Faith leaders have been calling for more protections for undocumented immigrants in Fresno through a city-supported legal defense fund and the creation of an Office of Immigrant and Refugee Affairs, along with the dismissal of misdemeanor charges related to a protest march urging officials to make Fresno a sanctuary city.

The short answer from Fresno Mayor Lee Brand: No.

“I do not believe it is prudent to use our precious taxpayer resources on these issues, when we do not have enough money to fund core city services such as police, fire, parks and streets to the level they should be funded,” Brand wrote Wednesday in a response to requests from Faith in Fresno, part of Faith in the Valley, which represents around 120 congregations in the central San Joaquin Valley.

Brand also said the federal government needs to pass comprehensive immigration reform that includes a pathway to citizenship, and that officials “should stop kicking this can down the road.”

Faith in Fresno community organizer Sukaina Hussain said the proposed Office of Immigrant and Refugee Affairs would help people adapt to life in Fresno by offering a central location for accessing supportive resources and education, and that the legal defense fund would pay for legal representation for undocumented people, along with training and outreach.

The Fresno protest charges are against four people involved in a March 5 march that Faith in Fresno leaders say was a peaceful gathering of mostly clergy and community organizers. City spokesman Mark Standriff said the charges were related to one person lying in the street and three others blocking the entrance to the county jail. The charges include gathering without a permit, “which is absolutely ridiculous, to say the least,” said Reza Nekumanesh, a board member for Faith in the Valley and director of the Islamic Cultural Center of Fresno. The march was not organized by Faith in Fresno, but the group has been questioning the charges.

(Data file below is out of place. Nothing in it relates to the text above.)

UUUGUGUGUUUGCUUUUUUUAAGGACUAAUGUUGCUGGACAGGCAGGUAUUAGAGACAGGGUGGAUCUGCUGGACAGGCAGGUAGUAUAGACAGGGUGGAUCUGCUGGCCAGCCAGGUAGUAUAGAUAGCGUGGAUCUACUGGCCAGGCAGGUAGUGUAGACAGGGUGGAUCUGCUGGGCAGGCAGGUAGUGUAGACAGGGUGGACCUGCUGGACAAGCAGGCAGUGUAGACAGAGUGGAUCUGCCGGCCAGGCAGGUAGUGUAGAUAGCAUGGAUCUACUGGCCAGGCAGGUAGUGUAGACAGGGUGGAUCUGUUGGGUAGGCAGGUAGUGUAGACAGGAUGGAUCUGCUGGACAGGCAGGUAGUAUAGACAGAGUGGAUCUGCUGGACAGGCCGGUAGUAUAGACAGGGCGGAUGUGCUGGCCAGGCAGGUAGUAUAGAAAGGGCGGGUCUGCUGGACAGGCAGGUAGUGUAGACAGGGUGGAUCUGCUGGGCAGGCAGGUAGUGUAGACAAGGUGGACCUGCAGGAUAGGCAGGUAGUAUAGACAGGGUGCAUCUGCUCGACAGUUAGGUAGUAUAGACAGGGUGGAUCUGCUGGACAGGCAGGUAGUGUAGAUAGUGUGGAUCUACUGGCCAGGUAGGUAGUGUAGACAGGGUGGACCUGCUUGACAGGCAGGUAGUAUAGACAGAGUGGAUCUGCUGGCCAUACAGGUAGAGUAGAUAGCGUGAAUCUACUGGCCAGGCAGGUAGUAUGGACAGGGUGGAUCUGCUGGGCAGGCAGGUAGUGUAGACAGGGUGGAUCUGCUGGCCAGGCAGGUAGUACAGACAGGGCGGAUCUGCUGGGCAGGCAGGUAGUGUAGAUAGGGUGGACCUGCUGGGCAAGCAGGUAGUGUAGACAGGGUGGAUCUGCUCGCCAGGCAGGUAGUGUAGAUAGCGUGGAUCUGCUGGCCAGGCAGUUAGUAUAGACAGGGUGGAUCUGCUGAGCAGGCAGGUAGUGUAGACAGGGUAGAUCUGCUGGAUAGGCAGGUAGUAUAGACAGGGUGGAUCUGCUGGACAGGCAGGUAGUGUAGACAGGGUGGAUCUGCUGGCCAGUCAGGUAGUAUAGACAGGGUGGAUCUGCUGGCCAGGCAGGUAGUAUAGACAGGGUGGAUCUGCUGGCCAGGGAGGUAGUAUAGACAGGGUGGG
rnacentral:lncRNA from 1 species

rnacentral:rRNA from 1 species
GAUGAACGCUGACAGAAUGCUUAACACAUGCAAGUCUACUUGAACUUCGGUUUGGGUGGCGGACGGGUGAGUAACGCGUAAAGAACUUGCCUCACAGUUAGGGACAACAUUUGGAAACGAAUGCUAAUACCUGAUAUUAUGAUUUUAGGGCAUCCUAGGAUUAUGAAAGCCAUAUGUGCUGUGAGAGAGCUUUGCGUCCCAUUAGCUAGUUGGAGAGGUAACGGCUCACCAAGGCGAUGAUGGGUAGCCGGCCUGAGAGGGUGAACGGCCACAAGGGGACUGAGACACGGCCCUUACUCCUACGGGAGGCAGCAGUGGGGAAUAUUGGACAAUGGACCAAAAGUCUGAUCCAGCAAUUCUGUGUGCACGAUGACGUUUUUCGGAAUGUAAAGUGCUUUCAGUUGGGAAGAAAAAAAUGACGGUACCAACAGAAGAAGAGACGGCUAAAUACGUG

“This is about our ability to protest,” Nekumanesh said. “This is about our ability to speak up. This is about our ability to have our voices heard in a time when we’re being marginalized more, pushed out more, and we call upon our city leaders to stand with us for free speech, for peaceful protest. It’s not only our right, it’s our way to be involved in the process of our democracy.”

Brand said it would be “unwise and unfair” to intervene in the legal process and dismiss charges against protesters.

“I strongly support everyone’s First Amendment right of free speech and to protest,” Brand said. “I have full confidence that our police department proceeded lawfully, respectfully and with restraint.”

Although Brand said he won’t use city dollars to support a legal defense fund for undocumented immigrants, Faith in Fresno community organizer Sukaina Hussain said the group has a number of organizations that have expressed interest in chipping in. Hussain said data shows only around 37 percent of undocumented people receive legal representation in court.

Faith in Fresno also asked Brand to expand the Office of Independent Review to give the police auditor investigative powers “for the sake of transparency and community trust of the police department.” Brand said it isn’t necessary to add investigative powers.

But he noted that he sought to require that the police auditor be a full-time local resident “who must engage the community in a significant manner,” which was ratified by the City Council on March 16 at the same time a Citizens Public Safety Advisory Board was created to work “hand-in-hand” with the office.

In addition, Faith in Fresno asked that the Rental Housing Improvement Act be fully funded and “swiftly” implemented. Brand said the rental housing inspection program is “proceeding smoothly” since it was approved Feb. 2, and that the city is in the process of creating a registry, and he plans to include full funding for the program in the 2017-18 budget proposal. If approved, inspections should begin in the fall. In response to a request to share progress about the program in a community forum, Brand said that’s not necessary.

Faith in Fresno leaders called the recommendations “moral policy imperatives” necessary for defending the safety and human dignity of families.

“Just last week, a Fresno State study confirmed what many of us already knew: That almost half of all adults in the Central Valley fear deportation for themselves or someone they know, and two-thirds of Latinos hold this fear,” said Faith in Fresno member Rabbi Laura Winer of Temple Beth Israel. “Thankfully, the threats which so many of us are facing is also prompting us to come together more than ever before, across race, religion, even language. Now we need those who we elected to represent us to step up to the plate as well and show that they are committed to our right to stay and thrive in Fresno and this Valley.”


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